Will National voters settle for a competent version of Labour?

KEVIN STENT/STUFF

The National party and National leader Simon Bridges need to show us that they are aspiring to much more than just providing a competent version of Labour. One of the most frustrating things about the National government under John Key, for me, was his decision to not only keep Labour party policies but, in some cases, to extend them!

If you are a National voter, what do you want National to learn from their time in the wilderness? If you, like me, didn’t vote for them in order to teach them a lesson, what lesson was it that you wanted them taught? I wanted them to stop taking my vote for granted. I wanted them to have a real point of difference between their policies and Labour’s policies.

ACT party David Seymour has pointed out that Simon Bridges is following in John Key’s footsteps, but not in a good way. He says that National have completely lost track of what they stand for. Quote:

Simon Bridges has confirmed his commitment to higher taxes by this morning refusing to roll back proposed fuel tax increases of between 9 and 12 cents a litre.

This complements his record as a big spending Economic Development Minister.

When Amy Adams slammed Labour’s ‘tax and spend’ policies the other day, she could have easily been talking about her own leader.

The National Party under Simon Bridges believes it can return to Government by presenting itself as a more competent version of Labour.

It makes you wonder what other socialist policies National will accept when it returns to government. Will National repeal Labour’s fees-free policy? Will it reinstate the tax cuts that were promised in 2017? Or will it put them in the too hard basket as it did with interest-free student loans and Working for Families, which John Key called ‘communism by stealth’? End of quote.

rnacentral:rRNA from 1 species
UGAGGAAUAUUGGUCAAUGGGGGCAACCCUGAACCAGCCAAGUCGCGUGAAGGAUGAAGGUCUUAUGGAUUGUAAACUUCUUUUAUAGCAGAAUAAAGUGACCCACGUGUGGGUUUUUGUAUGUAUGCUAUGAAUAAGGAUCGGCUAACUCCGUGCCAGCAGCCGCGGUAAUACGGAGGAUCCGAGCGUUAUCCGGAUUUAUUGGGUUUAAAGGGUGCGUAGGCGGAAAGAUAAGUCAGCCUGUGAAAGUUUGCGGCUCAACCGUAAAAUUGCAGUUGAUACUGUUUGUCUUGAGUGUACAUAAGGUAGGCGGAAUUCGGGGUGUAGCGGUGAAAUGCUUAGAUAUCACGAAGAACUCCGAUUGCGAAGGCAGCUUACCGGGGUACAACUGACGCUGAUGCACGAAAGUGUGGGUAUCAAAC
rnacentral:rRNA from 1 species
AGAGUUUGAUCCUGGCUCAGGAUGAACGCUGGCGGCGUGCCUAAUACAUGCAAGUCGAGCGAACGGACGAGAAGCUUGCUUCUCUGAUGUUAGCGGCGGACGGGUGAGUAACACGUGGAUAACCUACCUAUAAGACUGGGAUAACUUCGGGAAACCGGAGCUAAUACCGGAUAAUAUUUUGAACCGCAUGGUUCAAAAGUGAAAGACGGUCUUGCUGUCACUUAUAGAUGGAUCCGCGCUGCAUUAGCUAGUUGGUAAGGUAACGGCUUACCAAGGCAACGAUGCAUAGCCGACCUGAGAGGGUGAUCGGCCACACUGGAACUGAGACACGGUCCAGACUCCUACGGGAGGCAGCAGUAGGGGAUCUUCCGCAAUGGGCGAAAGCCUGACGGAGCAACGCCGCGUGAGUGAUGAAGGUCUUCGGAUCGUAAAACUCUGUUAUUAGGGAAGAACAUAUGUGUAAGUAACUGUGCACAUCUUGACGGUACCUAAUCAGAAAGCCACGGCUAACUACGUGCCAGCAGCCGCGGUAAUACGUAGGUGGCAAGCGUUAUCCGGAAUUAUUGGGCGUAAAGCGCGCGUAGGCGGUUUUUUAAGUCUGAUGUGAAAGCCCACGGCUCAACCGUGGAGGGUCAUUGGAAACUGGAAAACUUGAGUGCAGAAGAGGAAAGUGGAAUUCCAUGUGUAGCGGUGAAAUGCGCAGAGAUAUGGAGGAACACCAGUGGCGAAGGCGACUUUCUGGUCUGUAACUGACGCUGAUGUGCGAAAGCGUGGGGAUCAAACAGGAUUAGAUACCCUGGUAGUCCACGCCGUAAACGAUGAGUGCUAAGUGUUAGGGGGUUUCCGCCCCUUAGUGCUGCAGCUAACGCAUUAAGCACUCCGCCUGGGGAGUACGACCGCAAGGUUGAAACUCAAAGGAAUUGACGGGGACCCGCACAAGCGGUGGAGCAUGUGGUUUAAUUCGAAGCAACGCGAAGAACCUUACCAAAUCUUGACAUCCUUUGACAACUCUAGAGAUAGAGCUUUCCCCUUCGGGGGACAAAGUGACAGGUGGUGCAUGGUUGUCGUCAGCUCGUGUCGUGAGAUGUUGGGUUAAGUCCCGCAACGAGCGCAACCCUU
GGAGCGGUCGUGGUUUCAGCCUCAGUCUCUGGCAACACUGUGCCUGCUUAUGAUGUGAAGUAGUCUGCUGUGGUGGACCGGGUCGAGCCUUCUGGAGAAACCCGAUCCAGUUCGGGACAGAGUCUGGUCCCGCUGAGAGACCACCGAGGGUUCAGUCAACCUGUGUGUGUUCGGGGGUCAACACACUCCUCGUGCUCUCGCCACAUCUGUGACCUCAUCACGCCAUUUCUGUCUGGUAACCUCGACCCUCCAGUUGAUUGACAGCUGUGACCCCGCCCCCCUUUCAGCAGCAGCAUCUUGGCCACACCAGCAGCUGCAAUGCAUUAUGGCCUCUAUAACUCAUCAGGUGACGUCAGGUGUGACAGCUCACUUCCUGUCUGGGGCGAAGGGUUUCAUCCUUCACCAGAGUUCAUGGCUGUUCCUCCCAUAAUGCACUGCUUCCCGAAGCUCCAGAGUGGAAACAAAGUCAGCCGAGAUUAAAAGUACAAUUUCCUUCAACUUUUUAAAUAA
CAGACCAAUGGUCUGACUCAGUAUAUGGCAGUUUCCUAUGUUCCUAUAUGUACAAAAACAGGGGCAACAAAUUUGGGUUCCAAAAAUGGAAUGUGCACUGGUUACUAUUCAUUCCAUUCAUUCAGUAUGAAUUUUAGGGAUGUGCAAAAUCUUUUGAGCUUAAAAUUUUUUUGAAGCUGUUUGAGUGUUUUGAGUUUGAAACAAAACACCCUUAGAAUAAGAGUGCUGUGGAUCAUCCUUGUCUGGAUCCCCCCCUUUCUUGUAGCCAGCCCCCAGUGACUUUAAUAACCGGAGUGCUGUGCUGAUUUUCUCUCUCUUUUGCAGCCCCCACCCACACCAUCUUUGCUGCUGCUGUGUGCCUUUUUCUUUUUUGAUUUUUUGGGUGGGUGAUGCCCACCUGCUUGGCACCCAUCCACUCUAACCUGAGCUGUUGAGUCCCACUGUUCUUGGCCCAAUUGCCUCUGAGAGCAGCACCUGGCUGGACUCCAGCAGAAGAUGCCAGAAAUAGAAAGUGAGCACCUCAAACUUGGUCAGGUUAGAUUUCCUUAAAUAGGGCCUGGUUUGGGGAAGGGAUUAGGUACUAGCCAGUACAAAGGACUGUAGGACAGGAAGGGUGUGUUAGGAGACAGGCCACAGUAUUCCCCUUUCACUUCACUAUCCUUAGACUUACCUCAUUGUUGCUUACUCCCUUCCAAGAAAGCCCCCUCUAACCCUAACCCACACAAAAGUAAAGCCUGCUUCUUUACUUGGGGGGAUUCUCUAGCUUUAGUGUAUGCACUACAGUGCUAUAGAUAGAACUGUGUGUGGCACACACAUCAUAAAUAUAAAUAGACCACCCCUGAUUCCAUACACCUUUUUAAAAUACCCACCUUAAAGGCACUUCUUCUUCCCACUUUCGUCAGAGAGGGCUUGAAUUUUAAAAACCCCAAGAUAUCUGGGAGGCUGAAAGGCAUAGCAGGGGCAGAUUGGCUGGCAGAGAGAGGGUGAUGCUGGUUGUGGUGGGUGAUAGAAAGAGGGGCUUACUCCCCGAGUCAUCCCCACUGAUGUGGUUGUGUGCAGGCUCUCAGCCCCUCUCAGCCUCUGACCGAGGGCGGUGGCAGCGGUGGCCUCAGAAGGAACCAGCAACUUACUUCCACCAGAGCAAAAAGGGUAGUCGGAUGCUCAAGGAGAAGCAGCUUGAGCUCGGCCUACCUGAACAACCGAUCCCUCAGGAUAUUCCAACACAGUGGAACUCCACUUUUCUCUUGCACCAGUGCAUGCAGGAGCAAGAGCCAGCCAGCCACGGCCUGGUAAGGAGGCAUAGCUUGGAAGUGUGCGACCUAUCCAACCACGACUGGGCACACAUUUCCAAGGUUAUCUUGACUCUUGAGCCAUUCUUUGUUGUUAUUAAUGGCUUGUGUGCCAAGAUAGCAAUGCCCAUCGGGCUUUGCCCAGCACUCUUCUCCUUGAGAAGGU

Working for families, of course, is the policy that John Key condemned when he was out of power but extended once he was in power.

The Labour party, unlike the National party, have no difficulty whatsoever dismantling and destroying National and ACT party policies. Our new government stand out, in fact, for their rush to pull down what National had created, not even pausing to have an alternative in place before they do so. National standards are a prime example. They have been removed without an alternative being put in place. Charter schools are another example, which they are rushing to terminate like a bull at a gate, despite the schools’ success and how they are helping the very demographic Labour claim to care about.

National, on the other hand, have a recent history of keeping expensive Labour policy bribes in place rather than risk rocking the boat. So far Simon Bridges does not appear to be offering us anything more than a competent version of the socialist policies we are already enduring. The question is whether or not that will be enough. Will National party voters settle for more of the same competent socialism or will they demand a return to National’s core conservative values?


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